If you see (or smell) something, say something: Citizen complaints and regulation of oil and gas wells
Peter Maniloff and
No 2020-01, Working Papers from Colorado School of Mines, Division of Economics and Business
The traditional theory of firm regulation and enforcement examines the interplay of firms and regulator, with citizens as passive consumers of goods or providers of votes. However, in industries such as oil and gas, citizens can play an important role in inspections and enforcement, which we analyze with a novel dataset of Colorado regulatory activities. We find regulators frequently conduct follow-up inspections of citizen complaints, and these citizen-driven inspections are just as likely to lead to regulatory action as ``normal'' scheduled inspections. However, the evidence is consistent with regulators treating these complaints as ``one-offs'' --- regulators do not increase inspection activity of other wells owned by a firm that was complained about. An inspector conducting a complaint inspection crowds out two regular inspections at the daily level, but we find no evidence of crowd-out at time scales of one month or greater. Finally, heterogeneity across complaint types suggests citizens are particularly adept at identifying nuisance-related violations (e.g. noise, smell), but are less adept at identifying more technical violations.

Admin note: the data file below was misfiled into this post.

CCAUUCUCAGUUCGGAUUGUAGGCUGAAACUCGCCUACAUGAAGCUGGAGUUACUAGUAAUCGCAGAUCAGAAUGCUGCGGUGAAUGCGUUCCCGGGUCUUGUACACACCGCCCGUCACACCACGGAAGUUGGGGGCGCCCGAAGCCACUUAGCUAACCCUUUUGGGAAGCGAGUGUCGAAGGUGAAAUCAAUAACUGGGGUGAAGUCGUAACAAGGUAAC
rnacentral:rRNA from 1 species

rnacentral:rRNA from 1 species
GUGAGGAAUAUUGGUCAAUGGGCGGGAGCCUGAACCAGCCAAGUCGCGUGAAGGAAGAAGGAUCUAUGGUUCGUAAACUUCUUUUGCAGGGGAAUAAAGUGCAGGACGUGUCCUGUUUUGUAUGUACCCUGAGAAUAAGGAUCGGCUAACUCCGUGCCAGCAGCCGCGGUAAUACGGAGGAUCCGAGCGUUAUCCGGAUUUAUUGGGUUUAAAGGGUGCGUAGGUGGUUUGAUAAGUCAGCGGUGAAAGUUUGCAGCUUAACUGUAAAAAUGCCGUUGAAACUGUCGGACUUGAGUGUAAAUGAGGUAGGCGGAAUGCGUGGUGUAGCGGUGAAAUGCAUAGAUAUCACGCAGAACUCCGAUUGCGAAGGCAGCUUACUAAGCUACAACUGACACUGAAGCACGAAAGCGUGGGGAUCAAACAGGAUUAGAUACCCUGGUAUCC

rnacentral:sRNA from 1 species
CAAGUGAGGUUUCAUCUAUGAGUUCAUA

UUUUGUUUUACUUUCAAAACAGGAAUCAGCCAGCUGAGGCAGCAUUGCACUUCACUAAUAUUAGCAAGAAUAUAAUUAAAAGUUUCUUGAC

Keywords: enforcement; oil and gas; citizen participation (search for similar items in EconPapers)
JEL-codes: K42 Q48 Q58 (search for similar items in EconPapers)
Pages: 22 pages
New Economics Papers: this item is included in nep-bec, nep-ene, nep-law and nep-reg
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http://econbus-papers.mines.edu/working-papers/wp202001.pdf First version, 2020 (application/pdf)
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Persistent link: https://EconPapers.repec.org/RePEc:mns:wpaper:wp202001
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